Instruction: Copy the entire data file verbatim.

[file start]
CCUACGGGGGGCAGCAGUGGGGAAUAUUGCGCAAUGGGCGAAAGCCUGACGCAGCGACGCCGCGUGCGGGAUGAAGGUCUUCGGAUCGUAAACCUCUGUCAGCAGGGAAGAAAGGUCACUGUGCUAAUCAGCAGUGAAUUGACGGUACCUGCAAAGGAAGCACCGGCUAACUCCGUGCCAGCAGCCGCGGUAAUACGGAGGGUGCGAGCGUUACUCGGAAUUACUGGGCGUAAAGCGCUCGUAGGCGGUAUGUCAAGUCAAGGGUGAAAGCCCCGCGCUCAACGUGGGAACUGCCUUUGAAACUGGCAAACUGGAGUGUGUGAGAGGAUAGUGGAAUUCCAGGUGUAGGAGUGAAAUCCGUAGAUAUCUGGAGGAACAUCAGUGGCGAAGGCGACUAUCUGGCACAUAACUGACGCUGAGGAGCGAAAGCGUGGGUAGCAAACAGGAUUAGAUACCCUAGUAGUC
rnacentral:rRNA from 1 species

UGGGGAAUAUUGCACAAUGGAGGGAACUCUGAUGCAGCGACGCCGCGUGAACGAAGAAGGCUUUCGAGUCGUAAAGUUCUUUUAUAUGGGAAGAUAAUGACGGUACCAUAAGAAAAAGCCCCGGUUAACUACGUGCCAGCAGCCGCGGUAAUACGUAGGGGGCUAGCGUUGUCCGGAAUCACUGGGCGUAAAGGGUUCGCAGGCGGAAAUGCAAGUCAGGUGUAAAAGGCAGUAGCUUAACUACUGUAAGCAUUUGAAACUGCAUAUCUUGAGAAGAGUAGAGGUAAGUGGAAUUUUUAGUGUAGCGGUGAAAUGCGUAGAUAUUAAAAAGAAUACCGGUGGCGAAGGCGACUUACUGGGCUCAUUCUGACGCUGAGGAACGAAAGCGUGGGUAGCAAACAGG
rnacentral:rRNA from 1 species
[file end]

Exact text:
CCUACGGGGGGCAGCAGUGGGGAAUAUUGCGCAAUGGGCGAAAGCCUGACGCAGCGACGCCGCGUGCGGGAUGAAGGUCUUCGGAUCGUAAACCUCUGUCAGCAGGGAAGAAAGGUCACUGUGCUAAUCAGCAGUGAAUUGACGGUACCUGCAAAGGAAGCACCGGCUAACUCCGUGCCAGCAGCCGCGGUAAUACGGAGGGUGCGAGCGUUACUCGGAAUUACUGGGCGUAAAGCGCUCGUAGGCGGUAUGUCAAGUCAAGGGUGAAAGCCCCGCGCUCAACGUGGGAACUGCCUUUGAAACUGGCAAACUGGAGUGUGUGAGAGGAUAGUGGAAUUCCAGGUGUAGGAGUGAAAUCCGUAGAUAUCUGGAGGAACAUCAGUGGCGAAGGCGACUAUCUGGCACAUAACUGACGCUGAGGAGCGAAAGCGUGGGUAGCAAACAGGAUUAGAUACCCUAGUAGUC
rnacentral:rRNA from 1 species

UGGGGAAUAUUGCACAAUGGAGGGAACUCUGAUGCAGCGACGCCGCGUGAACGAAGAAGGCUUUCGAGUCGUAAAGUUCUUUUAUAUGGGAAGAUAAUGACGGUACCAUAAGAAAAAGCCCCGGUUAACUACGUGCCAGCAGCCGCGGUAAUACGUAGGGGGCUAGCGUUGUCCGGAAUCACUGGGCGUAAAGGGUUCGCAGGCGGAAAUGCAAGUCAGGUGUAAAAGGCAGUAGCUUAACUACUGUAAGCAUUUGAAACUGCAUAUCUUGAGAAGAGUAGAGGUAAGUGGAAUUUUUAGUGUAGCGGUGAAAUGCGUAGAUAUUAAAAAGAAUACCGGUGGCGAAGGCGACUUACUGGGCUCAUUCUGACGCUGAGGAACGAAAGCGUGGGUAGCAAACAGG
rnacentral:rRNA from 1 species